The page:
Two decades ago, XSLT was a rising client-side star. XSLT, Java applets, and a array of other client-side technologies held great promise to fulfill dreams for the Web that then-nascent HTML and JavaScript were unfit to deliver. Unlikely as it seemed at the time given the broad enthusiasm, not one of these technologies prevailed—none even survived!

In the intervening years, HTML and JavaScript have grown into much more powerful technologies, but it should be at least somewhat surprising that everything else simply evaporated, and the only thing to fill the void was more JavaScript. For a moment, we seemed headed for a polyglot client development environment, but a monoculture evolved—and even thrives—nonetheless.

Like Java, XSLT has lived on as a server-side technology, albeit in more specialized environments. Unlike Java, however, client-side XSLT is not forbidden, just forgotten. Remarkably, browser-native XSLT implementations have survived decades of rapid technological change, leaving traces of a future unrealized.

XSLT in the client is of course not entirely forgotten. The vital necessity of XML motivates an ecosystem of XML-centric tools that extend into the browser, including modern versions of XSLT written in JavaScript. But an unmistakable separation exists between the XML community using these tools and the larger web community—the JavaScript and HTML community—as a whole.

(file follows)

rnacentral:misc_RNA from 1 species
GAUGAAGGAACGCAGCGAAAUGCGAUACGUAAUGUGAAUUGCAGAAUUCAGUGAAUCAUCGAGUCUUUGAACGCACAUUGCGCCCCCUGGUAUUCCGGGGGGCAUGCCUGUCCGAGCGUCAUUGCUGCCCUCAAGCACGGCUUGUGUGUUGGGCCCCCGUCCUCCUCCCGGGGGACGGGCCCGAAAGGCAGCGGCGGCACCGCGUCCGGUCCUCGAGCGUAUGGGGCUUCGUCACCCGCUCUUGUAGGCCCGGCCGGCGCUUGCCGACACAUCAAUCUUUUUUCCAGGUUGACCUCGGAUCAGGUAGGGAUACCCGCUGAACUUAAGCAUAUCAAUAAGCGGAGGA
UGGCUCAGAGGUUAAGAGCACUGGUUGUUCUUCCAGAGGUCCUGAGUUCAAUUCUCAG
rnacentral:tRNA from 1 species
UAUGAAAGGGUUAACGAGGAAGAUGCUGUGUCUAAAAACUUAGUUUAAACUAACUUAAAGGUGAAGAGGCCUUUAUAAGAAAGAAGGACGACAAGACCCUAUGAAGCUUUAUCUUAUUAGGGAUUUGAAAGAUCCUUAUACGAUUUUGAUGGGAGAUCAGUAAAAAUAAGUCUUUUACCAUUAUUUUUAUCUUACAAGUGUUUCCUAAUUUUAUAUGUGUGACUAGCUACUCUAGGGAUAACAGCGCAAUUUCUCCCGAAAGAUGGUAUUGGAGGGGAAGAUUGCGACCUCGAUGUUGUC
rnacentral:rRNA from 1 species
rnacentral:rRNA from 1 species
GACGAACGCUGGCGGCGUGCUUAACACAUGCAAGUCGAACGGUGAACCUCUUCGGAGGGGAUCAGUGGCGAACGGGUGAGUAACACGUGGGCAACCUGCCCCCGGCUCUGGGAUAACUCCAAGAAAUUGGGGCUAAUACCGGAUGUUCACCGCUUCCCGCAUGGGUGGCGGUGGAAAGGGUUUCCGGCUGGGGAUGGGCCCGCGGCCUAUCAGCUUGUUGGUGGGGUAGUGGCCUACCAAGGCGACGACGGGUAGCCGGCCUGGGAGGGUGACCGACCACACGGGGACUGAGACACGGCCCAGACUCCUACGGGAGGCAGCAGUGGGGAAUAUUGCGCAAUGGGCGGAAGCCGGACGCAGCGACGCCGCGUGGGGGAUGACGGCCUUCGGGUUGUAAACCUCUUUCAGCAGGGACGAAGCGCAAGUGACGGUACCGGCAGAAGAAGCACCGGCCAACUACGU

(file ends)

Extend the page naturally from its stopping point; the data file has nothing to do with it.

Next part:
Certainly something must have been lost in siloing these innovative communities. We can look back two decades and imagine a different future, one where multiple languages and technologies survived, stimulating virtuous cycles of interaction. Two decades in tech is an especially long time, but are we really that far from that possibility now, and were we ever?

Throughout the long and somewhat winding road to implementing a complex new feature, we present justification, both practically and philosophically, not only for client-side XSLT, but for an architectural pattern that reconciles a division between XSLT and JavaScript. And we demonstrate, generally, the benefits of pursuing bridges across these divides.

Improving an application

Interactive documents

As a legal publisher, one of our main product categories is template-style forms for attorneys, which have undergone a limited evolution in their path to electronic delivery. We have traditionally delivered forms to customers as printed books of forms and subordinate forms for the customer to fill in and manually assemble into a complete document. More recently, we launched a subscription-based online service to deliver all of our content from the web. A departure from a book-oriented concept, the online service joins all of our content together, so users can search across the complete corpus, browse content organized by topic or practice area, annotate, and download forms.